Abstract: Although many land deals are never implemented to production stage, little is known about how abandoned projects affect local communities and the government agencies that promote them. This article analyses the effects on local actors, their land access, land use and tenure security of a large-scale bio-fuel land deal in northern Laos that a Chinese company initiated but subsequently abandoned before reaching the planting and production stage. The project left local people bound by contracts without cancellation clauses and with livelihood losses, until the investment contract eventually was annulled by Lao state actors. The deal has prepared the provincial government to receive new investors to further the modernization of agriculture and a land-based economic growth, both in terms of identifying land for development, and experiences gained of how to handle international investors. However, it seems unlikely that local actors can decline future projects when interests of investors and government actors overlap–interests that may not be limited to those officially stated as the objectives of the land deal. A more accurate terminology and additional research is needed to shed light on the outcomes of land deals that for some reason never reach a production stage, whether as a “virtual,” or “failed” land deal.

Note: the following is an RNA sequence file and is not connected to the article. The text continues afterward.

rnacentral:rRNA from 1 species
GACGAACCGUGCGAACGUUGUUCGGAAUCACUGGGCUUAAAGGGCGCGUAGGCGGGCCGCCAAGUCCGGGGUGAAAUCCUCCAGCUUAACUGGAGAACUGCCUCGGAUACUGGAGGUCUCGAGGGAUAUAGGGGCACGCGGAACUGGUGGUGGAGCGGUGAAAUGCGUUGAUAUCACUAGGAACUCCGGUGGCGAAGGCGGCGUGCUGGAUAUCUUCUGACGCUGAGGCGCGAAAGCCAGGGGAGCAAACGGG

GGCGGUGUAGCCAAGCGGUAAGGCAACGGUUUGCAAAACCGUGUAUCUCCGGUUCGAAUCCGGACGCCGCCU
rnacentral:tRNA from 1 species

PubDate: 2022-06-27T00:00:00Z
       
  • Foliar Silicon Spray to Strawberry Plants During Summer Cutting
           Propagation Enhances Resistance of Transplants to High Temperature
           Stresses

    • Authors: Jie Xiao, Yali Li, Byoung Ryong Jeong